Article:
The Net Neutrality Ordeal In A Nutshell

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On Thursday, the FCC – Federal Communications Commission voted to repeal the old net neutrality rules. Now for those of us who don’t know, Net Neutrality requires internet service providers to offer equal access to all web content without charging consumers for higher-quality delivery or giving preference to certain websites. Basically, equality for all things on the internet.

The FCC’s chairman Ajit Pai has always been a big opposer of the rules, as he has been recorded saying that the Net Neutrality rules impede innovation. According to him, they are based on “hypothetical harms and hysterical prophecies of doom.” Quite a statement.

So what are the set of rules which were repealed? Let’s take a look. In 2015, a regulatory plan was laid out in light of the internet’s rapid changes.The plan prohibited the following practices:

BLOCKING

Internet service providers could not discriminate against any lawful content by blocking websites or apps.

THROTTLING

Service providers could not slow the transmission of data based on the nature of the content, as long as it is legal.

PAID PRIORITIZATION

Service providers could not create an internet fast lane for companies and consumers who pay premiums, and a slow lane for those who don’t.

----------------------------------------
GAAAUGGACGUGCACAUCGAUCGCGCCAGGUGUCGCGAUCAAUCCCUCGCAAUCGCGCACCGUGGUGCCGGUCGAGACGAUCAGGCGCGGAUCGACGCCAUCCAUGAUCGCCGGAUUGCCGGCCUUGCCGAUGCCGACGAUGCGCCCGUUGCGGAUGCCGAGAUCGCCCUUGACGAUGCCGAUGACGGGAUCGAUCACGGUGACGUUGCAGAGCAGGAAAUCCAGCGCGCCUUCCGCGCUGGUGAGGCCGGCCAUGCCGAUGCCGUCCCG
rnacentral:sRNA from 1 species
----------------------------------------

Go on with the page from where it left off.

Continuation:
Net Neutrality

So now that you know what the rules that were repealed are, let’s talk about how it all might affect you. You know how some cable television providers sell cable televisions in bundles? The same might happen with the internet. Which means, if you want to access Facebook and Instagram, you might need to purchase a bundle that would allow you to access these. Say, a “Premium Social Media” package.

 

Let’s take a look at Portugal for example. A mobile carrier over there offers subscription plans like, “Social,” “Messaging,” and “Video.” Representative Ro Khanna, Democrat of California,  posted a screenshot of this on his Twitter, adding that the providers were “starting to split the net.”

 

Think about this, some consumers may suffer because of pay-to-play deals. As mentioned, you might now have to pay extra to be in a fast lane or fear left alone on the slow lane. This is harmful for small business owners and freelancers as well whose businesses rely on social networks.

Credit: ABC NEws

While some people say that the biggest internet companies like Amazon, Apple, Facebook, Google and Microsoft control much of the online infrastructure anyways, this repealing of the rules may very well bring about a change as to how we use the internet everyday.

Are you in favour of Net Neutrality? Or do you agree with the repealing? Let your thoughts be known in the comments.

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